Tuesday, February 24, 2009

Did I Leave Out Job-Stealing?

Get ready for the latest allegation from Businessweek's Mehul Srivastava:

The Evil Job-Stealing Urine-Drinking Wife-beating Hindoo Menace!

In the 15 years since the H-1B began, a strong U.S.-based Indian diaspora has emerged, in part because of the visa program, to become one of America's most successful minority groups. It has also become politically powerful within India. Many Indians in the U.S. are strong supporters of the Bharatiya Janata Party, leader of the opposition to Prime Minister Manmohan Singh's government; U.S.-based Indians often make donations to BJP causes and lobby through its parent body, the Vishwa Hindu Parishad (Global Alliance of Hindus). Courting nonresident Indians has been a consistent fundraising tactic for the BJP and VHP, especially since a large proportion of the Indian diaspora in the U.S. comes from Gujarat, a state north of Mumbai where the BJP holds power and is more popular than elsewhere in the country.

So as news trickled in about the provision in the stimulus bill, political groups in India swung into action. The VHP first asked India's External Affairs Minister Pranab Mukherjee to see if he could arrange for Indians losing their H-1Bs to have more than the regulated 30 days to leave the U.S., allowing them to sell their houses and settle their affairs with more flexibility. A spokesman for Mukherjee says no action has been taken on that letter.

Call for a Boycott

Then, the VHP decided on a more popular approach, calling for Indian consumers to boycott the goods of 14 U.S. multinationals. Praveen Togadia, general secretary of the VHP, declines to share the list of the companies the group plans on targeting. He says a boycott is justified. "If these policies hurt Indians abroad, then we have to take steps to hurt American companies in India," he says. "The reaction must be strong, or else who knows if the legally resident Indians in the U.S. are one day thrown out."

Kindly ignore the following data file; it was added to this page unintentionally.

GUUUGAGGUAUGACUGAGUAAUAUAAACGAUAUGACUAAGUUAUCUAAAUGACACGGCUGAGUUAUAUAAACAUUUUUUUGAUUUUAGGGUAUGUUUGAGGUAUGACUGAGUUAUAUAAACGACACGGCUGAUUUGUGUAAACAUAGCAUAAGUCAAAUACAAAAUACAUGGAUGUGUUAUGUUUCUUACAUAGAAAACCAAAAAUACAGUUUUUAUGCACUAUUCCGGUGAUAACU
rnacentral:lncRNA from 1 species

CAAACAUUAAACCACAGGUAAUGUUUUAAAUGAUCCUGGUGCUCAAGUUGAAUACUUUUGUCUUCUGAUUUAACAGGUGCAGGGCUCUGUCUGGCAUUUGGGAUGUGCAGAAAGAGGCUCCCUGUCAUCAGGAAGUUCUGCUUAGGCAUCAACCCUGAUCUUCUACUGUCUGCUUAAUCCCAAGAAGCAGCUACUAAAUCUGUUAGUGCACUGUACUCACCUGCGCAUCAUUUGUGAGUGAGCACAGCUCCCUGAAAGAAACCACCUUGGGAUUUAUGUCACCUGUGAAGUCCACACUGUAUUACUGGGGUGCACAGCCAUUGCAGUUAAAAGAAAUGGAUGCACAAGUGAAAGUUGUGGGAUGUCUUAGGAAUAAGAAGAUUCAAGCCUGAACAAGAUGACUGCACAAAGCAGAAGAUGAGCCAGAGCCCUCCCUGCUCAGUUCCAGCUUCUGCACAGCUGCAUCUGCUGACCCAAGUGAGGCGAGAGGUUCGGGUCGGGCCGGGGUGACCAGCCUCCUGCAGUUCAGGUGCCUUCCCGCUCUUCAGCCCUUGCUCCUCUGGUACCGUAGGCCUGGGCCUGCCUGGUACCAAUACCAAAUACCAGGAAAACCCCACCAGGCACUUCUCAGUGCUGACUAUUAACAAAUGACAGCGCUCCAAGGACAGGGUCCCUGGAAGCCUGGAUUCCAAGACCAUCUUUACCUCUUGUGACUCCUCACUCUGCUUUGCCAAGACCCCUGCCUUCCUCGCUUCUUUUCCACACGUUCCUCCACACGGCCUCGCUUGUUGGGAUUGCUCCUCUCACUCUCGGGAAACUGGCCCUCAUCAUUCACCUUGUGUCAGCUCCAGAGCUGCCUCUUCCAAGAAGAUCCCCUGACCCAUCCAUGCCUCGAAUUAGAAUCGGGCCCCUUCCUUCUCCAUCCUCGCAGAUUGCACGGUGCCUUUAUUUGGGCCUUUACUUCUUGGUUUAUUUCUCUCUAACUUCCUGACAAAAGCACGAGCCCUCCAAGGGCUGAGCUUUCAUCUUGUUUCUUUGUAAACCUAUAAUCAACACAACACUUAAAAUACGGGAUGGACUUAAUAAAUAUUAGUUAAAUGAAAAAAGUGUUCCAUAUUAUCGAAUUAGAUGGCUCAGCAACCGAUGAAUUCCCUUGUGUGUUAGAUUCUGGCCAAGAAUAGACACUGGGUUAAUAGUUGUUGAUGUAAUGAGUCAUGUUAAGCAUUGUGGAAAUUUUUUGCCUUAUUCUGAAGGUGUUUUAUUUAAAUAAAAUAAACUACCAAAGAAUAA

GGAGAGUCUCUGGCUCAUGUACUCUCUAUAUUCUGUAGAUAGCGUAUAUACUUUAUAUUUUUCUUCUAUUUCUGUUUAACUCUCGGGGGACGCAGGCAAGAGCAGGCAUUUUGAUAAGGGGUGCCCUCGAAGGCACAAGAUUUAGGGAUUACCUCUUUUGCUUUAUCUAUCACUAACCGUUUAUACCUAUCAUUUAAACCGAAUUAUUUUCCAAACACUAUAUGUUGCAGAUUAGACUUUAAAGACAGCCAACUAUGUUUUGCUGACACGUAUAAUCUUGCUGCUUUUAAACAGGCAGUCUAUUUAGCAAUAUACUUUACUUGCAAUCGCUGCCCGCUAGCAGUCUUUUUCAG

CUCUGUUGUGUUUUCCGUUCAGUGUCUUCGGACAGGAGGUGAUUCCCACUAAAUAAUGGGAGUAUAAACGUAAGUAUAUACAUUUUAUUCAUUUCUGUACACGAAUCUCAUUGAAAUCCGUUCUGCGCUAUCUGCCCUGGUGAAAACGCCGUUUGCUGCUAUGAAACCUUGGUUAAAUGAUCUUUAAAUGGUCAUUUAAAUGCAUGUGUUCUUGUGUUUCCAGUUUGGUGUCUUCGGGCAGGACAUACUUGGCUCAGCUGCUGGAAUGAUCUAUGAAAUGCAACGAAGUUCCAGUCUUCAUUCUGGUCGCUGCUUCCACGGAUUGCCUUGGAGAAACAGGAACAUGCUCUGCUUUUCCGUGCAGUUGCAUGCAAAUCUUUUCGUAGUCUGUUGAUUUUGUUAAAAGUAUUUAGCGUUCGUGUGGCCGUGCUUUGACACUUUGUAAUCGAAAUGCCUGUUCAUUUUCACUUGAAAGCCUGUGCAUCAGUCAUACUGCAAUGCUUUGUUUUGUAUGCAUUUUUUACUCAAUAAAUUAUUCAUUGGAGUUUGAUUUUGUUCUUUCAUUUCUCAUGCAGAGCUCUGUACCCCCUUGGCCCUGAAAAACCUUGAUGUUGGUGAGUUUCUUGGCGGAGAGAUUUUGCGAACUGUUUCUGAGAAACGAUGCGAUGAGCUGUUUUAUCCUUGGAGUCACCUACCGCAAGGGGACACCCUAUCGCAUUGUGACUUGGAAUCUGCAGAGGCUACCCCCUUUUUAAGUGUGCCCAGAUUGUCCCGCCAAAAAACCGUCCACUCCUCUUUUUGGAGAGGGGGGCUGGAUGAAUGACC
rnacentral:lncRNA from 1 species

Unlike the BJP, the Indian government is trying to take a less confrontational approach, with New Delhi taking what the Overseas Indian Affairs Ministry calls a "holistic view" of the visa issue.

3 comments:

Sage said...

Interesting, classic subterfuge - lumping H1-B holders who are predominantly from AP, Karnatak and Tamil Nadu with older generation of Indian immigrants. Before advent of H1-B program Gujaratis immigrants outnumbered non-Gujaratis and they may be termed as "BJP supporters" but cannot say the same thing about IT professionals. Tamil Nadu and AP are hardly the bastion of BJP.
I think anti-BJP propaganda comes reflexively to all Indian journalists.

siva said...

“Holistic view” is UPA’s euphemism for bend over and hold your knee.

Arvind said...

A large proportion of H1-B visa holders are not from Gujarat. Most of them are from Andhra Pradesh and Tamilnadu.

VHP's call for boycott is unlikely to strike a chord with the H1-B visa holders. These are mostly problem solvers who deal as individuals with whatever situations arise in their lives. Blaming others for their predicament and acting as a group in response to a call by a leader is a typically leftist behavior. Neither VHP nor the journalist understand this. The fact that the journalist thinks that this will appeal to H1-B visa holders and the call has set alarm bells ringing in his head is amusing. You can safely bet that most NRIs in the US neither know nor care about such boycott calls.